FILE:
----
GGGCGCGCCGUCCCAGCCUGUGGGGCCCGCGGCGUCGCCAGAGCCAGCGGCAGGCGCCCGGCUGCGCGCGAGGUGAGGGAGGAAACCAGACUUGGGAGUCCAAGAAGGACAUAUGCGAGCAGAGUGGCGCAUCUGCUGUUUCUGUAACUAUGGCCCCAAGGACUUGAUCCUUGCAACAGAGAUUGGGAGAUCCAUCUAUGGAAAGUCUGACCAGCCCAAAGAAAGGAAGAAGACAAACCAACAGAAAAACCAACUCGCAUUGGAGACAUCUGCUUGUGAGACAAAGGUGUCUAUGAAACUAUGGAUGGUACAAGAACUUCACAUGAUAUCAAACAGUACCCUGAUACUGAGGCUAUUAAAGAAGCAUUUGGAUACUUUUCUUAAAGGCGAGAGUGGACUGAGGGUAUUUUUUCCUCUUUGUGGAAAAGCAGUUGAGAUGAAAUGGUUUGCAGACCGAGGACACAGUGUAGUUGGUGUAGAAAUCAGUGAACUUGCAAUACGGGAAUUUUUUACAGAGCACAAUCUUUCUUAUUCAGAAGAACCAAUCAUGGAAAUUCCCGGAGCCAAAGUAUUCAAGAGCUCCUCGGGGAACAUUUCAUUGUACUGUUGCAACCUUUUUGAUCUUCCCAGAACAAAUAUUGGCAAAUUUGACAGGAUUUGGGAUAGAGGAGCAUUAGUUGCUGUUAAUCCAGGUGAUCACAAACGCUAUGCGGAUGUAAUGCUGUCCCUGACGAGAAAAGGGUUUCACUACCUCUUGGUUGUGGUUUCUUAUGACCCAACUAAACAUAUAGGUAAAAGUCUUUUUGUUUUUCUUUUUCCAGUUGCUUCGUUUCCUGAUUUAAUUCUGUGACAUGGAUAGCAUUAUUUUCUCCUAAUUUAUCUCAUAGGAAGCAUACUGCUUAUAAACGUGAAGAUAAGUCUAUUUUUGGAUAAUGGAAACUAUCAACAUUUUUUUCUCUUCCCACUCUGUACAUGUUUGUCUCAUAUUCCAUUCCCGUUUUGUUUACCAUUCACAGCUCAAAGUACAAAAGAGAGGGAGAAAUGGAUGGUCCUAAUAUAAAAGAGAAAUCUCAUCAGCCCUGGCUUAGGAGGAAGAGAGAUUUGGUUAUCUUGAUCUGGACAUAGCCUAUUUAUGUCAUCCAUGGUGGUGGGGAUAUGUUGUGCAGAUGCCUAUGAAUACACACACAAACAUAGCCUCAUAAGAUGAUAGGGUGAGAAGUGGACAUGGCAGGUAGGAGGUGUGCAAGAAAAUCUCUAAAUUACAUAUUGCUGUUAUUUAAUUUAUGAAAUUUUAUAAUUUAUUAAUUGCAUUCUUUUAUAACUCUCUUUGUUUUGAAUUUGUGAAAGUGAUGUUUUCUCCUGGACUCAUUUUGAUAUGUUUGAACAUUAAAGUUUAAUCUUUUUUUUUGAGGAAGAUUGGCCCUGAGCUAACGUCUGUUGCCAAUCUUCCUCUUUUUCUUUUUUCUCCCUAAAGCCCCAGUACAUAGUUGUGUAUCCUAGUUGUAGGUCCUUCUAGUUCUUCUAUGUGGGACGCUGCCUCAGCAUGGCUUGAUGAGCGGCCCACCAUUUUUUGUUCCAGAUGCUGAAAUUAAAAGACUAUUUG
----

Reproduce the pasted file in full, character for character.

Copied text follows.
GGGCGCGCCGUCCCAGCCUGUGGGGCCCGCGGCGUCGCCAGAGCCAGCGGCAGGCGCCCGGCUGCGCGCGAGGUGAGGGAGGAAACCAGACUUGGGAGUCCAAGAAGGACAUAUGCGAGCAGAGUGGCGCAUCUGCUGUUUCUGUAACUAUGGCCCCAAGGACUUGAUCCUUGCAACAGAGAUUGGGAGAUCCAUCUAUGGAAAGUCUGACCAGCCCAAAGAAAGGAAGAAGACAAACCAACAGAAAAACCAACUCGCAUUGGAGACAUCUGCUUGUGAGACAAAGGUGUCUAUGAAACUAUGGAUGGUACAAGAACUUCACAUGAUAUCAAACAGUACCCUGAUACUGAGGCUAUUAAAGAAGCAUUUGGAUACUUUUCUUAAAGGCGAGAGUGGACUGAGGGUAUUUUUUCCUCUUUGUGGAAAAGCAGUUGAGAUGAAAUGGUUUGCAGACCGAGGACACAGUGUAGUUGGUGUAGAAAUCAGUGAACUUGCAAUACGGGAAUUUUUUACAGAGCACAAUCUUUCUUAUUCAGAAGAACCAAUCAUGGAAAUUCCCGGAGCCAAAGUAUUCAAGAGCUCCUCGGGGAACAUUUCAUUGUACUGUUGCAACCUUUUUGAUCUUCCCAGAACAAAUAUUGGCAAAUUUGACAGGAUUUGGGAUAGAGGAGCAUUAGUUGCUGUUAAUCCAGGUGAUCACAAACGCUAUGCGGAUGUAAUGCUGUCCCUGACGAGAAAAGGGUUUCACUACCUCUUGGUUGUGGUUUCUUAUGACCCAACUAAACAUAUAGGUAAAAGUCUUUUUGUUUUUCUUUUUCCAGUUGCUUCGUUUCCUGAUUUAAUUCUGUGACAUGGAUAGCAUUAUUUUCUCCUAAUUUAUCUCAUAGGAAGCAUACUGCUUAUAAACGUGAAGAUAAGUCUAUUUUUGGAUAAUGGAAACUAUCAACAUUUUUUUCUCUUCCCACUCUGUACAUGUUUGUCUCAUAUUCCAUUCCCGUUUUGUUUACCAUUCACAGCUCAAAGUACAAAAGAGAGGGAGAAAUGGAUGGUCCUAAUAUAAAAGAGAAAUCUCAUCAGCCCUGGCUUAGGAGGAAGAGAGAUUUGGUUAUCUUGAUCUGGACAUAGCCUAUUUAUGUCAUCCAUGGUGGUGGGGAUAUGUUGUGCAGAUGCCUAUGAAUACACACACAAACAUAGCCUCAUAAGAUGAUAGGGUGAGAAGUGGACAUGGCAGGUAGGAGGUGUGCAAGAAAAUCUCUAAAUUACAUAUUGCUGUUAUUUAAUUUAUGAAAUUUUAUAAUUUAUUAAUUGCAUUCUUUUAUAACUCUCUUUGUUUUGAAUUUGUGAAAGUGAUGUUUUCUCCUGGACUCAUUUUGAUAUGUUUGAACAUUAAAGUUUAAUCUUUUUUUUUGAGGAAGAUUGGCCCUGAGCUAACGUCUGUUGCCAAUCUUCCUCUUUUUCUUUUUUCUCCCUAAAGCCCCAGUACAUAGUUGUGUAUCCUAGUUGUAGGUCCUUCUAGUUCUUCUAUGUGGGACGCUGCCUCAGCAUGGCUUGAUGAGCGGCCCACCAUUUUUUGUUCCAGAUGCUGAAAUUAAAAGACUAUUUG